The law made a series of changes, including imposing a requirement that insurers search what is known as the “Death Master File” or another comparable database annually to determine which policyholders have died, Lewis wrote. The Death Master File is a database of deaths reported to the federal Social Security Administration.

If matches are found in the searches, the law created a “presumption” of death and placed requirements on insurers to try to confirm the deaths and review policies, Lewis wrote. Among other things, the law included new requirements on insurers to contact beneficiaries after the deaths of policyholders and to inform them of benefits.

Traditionally, life insurers paid benefits only after receiving claims and proof of death, attorneys for the insurance companies wrote in the motion for summary judgment, adding that millions of “Florida residents complied with these policy requirements to claim billions of dollars in death benefits.”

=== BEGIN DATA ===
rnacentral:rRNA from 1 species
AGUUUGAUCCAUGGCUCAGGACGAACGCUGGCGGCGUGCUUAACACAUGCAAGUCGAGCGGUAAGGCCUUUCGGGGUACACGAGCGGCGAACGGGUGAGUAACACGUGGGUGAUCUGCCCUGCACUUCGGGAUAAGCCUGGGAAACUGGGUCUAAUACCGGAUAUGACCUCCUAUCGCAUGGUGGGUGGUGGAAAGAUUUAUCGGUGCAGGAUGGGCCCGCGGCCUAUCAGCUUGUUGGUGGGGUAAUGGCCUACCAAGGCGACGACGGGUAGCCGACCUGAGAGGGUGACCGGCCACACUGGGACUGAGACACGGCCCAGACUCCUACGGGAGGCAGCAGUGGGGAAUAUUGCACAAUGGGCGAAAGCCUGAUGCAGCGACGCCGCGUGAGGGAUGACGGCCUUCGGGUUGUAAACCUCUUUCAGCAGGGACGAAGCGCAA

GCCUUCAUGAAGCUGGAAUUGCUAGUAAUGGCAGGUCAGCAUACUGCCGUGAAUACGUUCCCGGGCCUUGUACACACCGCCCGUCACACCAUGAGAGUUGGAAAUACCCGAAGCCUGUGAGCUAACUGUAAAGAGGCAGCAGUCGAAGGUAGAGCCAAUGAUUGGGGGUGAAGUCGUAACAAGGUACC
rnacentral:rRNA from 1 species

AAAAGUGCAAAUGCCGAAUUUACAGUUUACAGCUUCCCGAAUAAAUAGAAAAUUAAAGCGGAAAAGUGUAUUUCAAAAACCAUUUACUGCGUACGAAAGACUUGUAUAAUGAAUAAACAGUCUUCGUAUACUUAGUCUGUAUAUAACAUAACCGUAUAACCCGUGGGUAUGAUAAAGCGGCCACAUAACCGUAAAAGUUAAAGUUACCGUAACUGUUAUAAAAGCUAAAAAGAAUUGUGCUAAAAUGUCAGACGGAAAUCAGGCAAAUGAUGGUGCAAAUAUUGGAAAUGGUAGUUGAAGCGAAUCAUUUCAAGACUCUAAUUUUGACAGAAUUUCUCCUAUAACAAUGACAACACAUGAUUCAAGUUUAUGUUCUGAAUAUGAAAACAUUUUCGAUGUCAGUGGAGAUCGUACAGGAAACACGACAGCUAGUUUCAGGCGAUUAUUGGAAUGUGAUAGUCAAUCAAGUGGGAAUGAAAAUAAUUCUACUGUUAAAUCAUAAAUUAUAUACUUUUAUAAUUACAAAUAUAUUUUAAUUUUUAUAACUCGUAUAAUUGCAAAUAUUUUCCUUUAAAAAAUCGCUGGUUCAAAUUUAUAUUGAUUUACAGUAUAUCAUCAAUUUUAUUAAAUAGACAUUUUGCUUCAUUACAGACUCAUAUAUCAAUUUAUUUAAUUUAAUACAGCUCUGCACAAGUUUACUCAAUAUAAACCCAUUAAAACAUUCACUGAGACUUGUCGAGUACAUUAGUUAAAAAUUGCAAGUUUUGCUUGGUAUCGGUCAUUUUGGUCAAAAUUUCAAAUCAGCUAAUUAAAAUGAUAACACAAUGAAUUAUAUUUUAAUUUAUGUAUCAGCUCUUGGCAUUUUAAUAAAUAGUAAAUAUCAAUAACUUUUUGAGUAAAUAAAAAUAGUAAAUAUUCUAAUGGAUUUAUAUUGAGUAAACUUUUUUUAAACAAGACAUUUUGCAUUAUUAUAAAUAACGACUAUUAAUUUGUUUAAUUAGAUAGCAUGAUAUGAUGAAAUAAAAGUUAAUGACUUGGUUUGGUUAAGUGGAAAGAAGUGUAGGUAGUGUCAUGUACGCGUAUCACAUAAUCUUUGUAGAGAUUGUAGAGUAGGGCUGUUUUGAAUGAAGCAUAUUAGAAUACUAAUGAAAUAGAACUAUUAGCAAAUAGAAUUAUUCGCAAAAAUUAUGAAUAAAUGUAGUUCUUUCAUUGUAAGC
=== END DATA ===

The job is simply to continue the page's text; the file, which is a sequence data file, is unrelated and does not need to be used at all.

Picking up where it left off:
Horse breeders, track battle over slots license

Thoroughbred breeders and trainers are accusing gambling regulators of erring when they allowed Calder Race Course to keep its lucrative slot-machine license after demolishing the grandstand where bettors once watched horses compete.

But during an administrative hearing Tuesday, lawyers for Calder accused the horsemen of trying to force the track to build a glitzy new stadium despite the dramatic decline in horse betting that prompted the destruction of the aged facility two years ago.

The challenge highlights the growing tension between the greyhound and horse industries and racetrack operators, who have sought to do away with live racing while keeping more-profitable gambling activities such as slots and poker, a process known as “decoupling.”

The Florida Horsemen’s Benevolent and Protective Association filed the complaint against state gambling regulators last year, after the Division of Pari-Mutuel Wagering renewed the slots license for the Miami Gardens casino.

Under Florida law, slot-machine gaming areas must be “contiguous and connected to the live gaming facility.”

The complaint alleges that the renewal of Calder’s slot-machine license after the grandstand was torn down amounts to an “unadopted rule.”